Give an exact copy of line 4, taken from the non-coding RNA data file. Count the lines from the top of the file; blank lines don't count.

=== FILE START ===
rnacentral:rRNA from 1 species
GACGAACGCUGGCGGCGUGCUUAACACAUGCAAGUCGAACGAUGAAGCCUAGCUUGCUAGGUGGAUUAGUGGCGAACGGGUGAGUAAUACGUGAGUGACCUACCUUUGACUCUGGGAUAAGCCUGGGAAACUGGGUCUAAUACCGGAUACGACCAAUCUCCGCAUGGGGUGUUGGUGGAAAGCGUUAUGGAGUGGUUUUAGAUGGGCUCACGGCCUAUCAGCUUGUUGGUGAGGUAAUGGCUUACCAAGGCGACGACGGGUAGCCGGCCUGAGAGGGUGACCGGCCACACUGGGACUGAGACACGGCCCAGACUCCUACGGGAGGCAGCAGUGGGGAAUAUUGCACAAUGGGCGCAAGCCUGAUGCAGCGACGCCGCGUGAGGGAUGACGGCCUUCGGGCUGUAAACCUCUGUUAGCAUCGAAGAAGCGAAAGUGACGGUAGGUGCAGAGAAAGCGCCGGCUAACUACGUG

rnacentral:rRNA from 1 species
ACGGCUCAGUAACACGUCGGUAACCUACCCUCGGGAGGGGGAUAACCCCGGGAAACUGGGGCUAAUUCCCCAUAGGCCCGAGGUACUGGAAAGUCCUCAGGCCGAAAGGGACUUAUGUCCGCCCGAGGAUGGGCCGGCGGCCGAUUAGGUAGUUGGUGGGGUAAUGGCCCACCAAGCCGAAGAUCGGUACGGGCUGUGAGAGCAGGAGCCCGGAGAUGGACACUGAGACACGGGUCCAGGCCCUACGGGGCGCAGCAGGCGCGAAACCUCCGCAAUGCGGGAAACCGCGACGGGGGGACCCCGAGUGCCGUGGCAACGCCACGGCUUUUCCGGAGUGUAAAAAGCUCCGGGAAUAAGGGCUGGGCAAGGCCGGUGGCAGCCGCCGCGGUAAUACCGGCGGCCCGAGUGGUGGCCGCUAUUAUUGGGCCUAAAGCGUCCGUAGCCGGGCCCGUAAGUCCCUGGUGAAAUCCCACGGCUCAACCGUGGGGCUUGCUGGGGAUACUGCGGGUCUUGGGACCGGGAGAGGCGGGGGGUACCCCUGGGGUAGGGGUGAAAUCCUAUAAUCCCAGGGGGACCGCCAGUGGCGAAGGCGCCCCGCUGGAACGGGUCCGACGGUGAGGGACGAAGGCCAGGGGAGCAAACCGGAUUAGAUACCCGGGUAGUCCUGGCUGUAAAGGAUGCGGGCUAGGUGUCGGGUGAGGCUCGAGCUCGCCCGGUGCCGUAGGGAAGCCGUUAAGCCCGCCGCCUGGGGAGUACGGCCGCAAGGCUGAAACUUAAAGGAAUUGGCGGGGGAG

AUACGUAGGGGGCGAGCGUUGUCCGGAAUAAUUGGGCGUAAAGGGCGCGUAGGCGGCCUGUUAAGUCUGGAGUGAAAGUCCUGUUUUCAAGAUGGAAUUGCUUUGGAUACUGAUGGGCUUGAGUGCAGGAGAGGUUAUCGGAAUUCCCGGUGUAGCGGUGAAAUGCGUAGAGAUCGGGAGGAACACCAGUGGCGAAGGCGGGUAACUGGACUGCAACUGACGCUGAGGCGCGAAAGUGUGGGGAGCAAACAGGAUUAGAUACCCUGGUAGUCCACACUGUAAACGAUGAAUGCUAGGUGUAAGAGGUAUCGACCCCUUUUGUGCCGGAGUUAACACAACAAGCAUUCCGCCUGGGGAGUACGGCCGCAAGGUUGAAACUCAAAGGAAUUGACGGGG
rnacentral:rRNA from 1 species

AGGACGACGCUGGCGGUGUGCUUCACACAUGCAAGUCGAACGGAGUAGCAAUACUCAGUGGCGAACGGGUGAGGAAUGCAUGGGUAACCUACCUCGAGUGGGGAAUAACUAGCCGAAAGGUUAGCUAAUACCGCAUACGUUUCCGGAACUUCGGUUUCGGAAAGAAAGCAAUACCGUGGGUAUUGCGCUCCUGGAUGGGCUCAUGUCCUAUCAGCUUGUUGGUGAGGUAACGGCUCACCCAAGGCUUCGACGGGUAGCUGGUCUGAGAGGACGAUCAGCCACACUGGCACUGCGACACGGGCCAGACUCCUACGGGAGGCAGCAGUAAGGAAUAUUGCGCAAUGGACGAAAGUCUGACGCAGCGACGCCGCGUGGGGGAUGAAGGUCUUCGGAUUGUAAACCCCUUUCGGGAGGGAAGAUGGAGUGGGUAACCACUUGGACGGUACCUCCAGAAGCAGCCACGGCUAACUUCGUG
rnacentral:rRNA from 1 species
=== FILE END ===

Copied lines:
ACGGCUCAGUAACACGUCGGUAACCUACCCUCGGGAGGGGGAUAACCCCGGGAAACUGGGGCUAAUUCCCCAUAGGCCCGAGGUACUGGAAAGUCCUCAGGCCGAAAGGGACUUAUGUCCGCCCGAGGAUGGGCCGGCGGCCGAUUAGGUAGUUGGUGGGGUAAUGGCCCACCAAGCCGAAGAUCGGUACGGGCUGUGAGAGCAGGAGCCCGGAGAUGGACACUGAGACACGGGUCCAGGCCCUACGGGGCGCAGCAGGCGCGAAACCUCCGCAAUGCGGGAAACCGCGACGGGGGGACCCCGAGUGCCGUGGCAACGCCACGGCUUUUCCGGAGUGUAAAAAGCUCCGGGAAUAAGGGCUGGGCAAGGCCGGUGGCAGCCGCCGCGGUAAUACCGGCGGCCCGAGUGGUGGCCGCUAUUAUUGGGCCUAAAGCGUCCGUAGCCGGGCCCGUAAGUCCCUGGUGAAAUCCCACGGCUCAACCGUGGGGCUUGCUGGGGAUACUGCGGGUCUUGGGACCGGGAGAGGCGGGGGGUACCCCUGGGGUAGGGGUGAAAUCCUAUAAUCCCAGGGGGACCGCCAGUGGCGAAGGCGCCCCGCUGGAACGGGUCCGACGGUGAGGGACGAAGGCCAGGGGAGCAAACCGGAUUAGAUACCCGGGUAGUCCUGGCUGUAAAGGAUGCGGGCUAGGUGUCGGGUGAGGCUCGAGCUCGCCCGGUGCCGUAGGGAAGCCGUUAAGCCCGCCGCCUGGGGAGUACGGCCGCAAGGCUGAAACUUAAAGGAAUUGGCGGGGGAG